The hip joint can be imagined as a ball and socket and is subject to large forces which can sometimes be many times the body weight. This is due to the long, lever-arm mechanism of the lower extremity, with the hip joint being the fulcrum. The hip joint is surrounded first by ligaments that act like ropes to keep the femur (ball) and acetabulum (socket) together. Muscles on the front, back and sides of the joint surround the ligament capsule to move the leg and trunk. These surrounding muscles are subject to increased loads over time. Tendons, which attach muscle directly to bone are especially susceptible to repetitive stress, possibly resulting in tendonitis. Some tendons are protected from the underlying bone by a lubricated cushion called a bursa. A bursa lies underneath two outer hip muscles (the tensor fascia latae and gluteus medius). Any bursa within the body can be inflamed from repetitive stress of the overlying muscle or tendon. This leads to our second source of hip pain, called bursitis of the hip. Both of these conditions fall under the umbrella term called Greater Trochanteric Pain Syndrome.
The tendonous portion of a muscle typically has poor blood flow, making it more susceptible to degenerative changes or tendonitis over time. You can think of tendonitis as:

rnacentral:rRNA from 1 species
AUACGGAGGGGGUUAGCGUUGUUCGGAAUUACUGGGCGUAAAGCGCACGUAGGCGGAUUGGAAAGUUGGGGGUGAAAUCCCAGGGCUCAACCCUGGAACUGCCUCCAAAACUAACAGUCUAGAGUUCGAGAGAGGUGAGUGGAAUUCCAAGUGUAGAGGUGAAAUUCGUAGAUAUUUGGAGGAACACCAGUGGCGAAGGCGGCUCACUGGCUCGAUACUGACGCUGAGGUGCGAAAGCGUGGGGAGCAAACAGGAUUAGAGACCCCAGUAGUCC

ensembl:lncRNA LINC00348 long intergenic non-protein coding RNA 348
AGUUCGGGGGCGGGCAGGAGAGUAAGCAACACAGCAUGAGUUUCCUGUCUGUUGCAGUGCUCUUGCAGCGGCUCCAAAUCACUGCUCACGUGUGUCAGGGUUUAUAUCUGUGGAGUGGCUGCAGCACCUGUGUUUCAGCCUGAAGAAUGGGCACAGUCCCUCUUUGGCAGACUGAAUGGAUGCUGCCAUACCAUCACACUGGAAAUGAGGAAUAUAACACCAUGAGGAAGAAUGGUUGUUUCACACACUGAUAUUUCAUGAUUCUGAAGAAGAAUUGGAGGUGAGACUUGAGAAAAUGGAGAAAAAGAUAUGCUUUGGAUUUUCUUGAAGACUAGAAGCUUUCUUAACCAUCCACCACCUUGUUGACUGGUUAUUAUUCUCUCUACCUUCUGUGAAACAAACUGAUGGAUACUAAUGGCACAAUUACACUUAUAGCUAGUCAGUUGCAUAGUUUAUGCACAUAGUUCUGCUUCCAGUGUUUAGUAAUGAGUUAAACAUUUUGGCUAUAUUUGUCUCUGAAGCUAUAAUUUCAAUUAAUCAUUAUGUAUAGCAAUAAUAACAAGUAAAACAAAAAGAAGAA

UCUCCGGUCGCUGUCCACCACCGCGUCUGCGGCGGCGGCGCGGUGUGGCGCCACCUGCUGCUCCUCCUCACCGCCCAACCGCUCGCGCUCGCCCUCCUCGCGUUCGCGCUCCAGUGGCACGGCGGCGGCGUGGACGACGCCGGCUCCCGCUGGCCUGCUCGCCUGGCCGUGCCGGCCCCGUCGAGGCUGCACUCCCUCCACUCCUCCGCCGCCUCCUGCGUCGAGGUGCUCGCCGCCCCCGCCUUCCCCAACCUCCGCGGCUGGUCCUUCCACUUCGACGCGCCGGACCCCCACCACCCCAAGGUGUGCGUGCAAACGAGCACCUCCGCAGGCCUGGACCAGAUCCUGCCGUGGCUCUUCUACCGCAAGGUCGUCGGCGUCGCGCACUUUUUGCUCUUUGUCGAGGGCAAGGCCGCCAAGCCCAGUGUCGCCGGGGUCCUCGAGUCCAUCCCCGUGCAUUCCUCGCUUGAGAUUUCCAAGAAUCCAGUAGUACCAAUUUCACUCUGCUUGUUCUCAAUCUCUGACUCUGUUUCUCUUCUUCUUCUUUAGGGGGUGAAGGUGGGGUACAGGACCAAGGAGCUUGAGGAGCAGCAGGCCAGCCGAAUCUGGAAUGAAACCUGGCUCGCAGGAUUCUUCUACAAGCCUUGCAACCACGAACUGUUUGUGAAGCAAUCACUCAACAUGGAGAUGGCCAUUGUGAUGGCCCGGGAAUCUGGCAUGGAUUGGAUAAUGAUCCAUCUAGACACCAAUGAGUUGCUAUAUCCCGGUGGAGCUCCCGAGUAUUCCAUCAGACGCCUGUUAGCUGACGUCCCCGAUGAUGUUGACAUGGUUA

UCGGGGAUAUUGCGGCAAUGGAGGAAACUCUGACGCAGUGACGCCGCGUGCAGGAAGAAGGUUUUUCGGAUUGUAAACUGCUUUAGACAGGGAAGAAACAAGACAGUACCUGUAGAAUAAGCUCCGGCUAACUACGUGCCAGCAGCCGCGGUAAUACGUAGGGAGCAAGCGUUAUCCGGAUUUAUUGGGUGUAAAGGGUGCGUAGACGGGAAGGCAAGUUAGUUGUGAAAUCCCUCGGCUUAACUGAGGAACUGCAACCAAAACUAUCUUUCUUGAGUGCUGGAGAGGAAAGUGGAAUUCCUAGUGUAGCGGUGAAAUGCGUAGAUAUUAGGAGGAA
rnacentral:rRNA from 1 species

- unorganized ropes that are pulling the wrong way (disorientation of collagen fibers)
- abnormal amounts of tissue being laid down in an attempt to heal the injured tissues (increased cellularity or scar tissue)
- an area not getting enough of the nutrients it needs to heal if left untreated (lack of blood supply)
Assessment of this type of condition will usually begin with a history and physical exam performed by a knowledgeable health care professional. Treatment may include:
- correcting any postural or muscle imbalances that may have predisposed you to an injury in the first place.
- shockwave therapy, which is used to remove harmful scar tissue, remodel the surrounding tissues, and make new very small blood vessels, called capillaries, in the area to increase its chance to heal properly.
“After a couple of years with a weak muscle in my hip that caused severe pain, I can finally say I am painfree and am now able to increase my daily walking routine. The relief I felt from the RPW shockwave therapy was immediate. My treatment regime is still ongoing, but it has already improved my quality of life.”
We’d like to help you improve your quality of life, too. If these symptoms are familiar to you, book an appointment to get some relief.
by Dr. Brigitte MacPhail, Chiropractor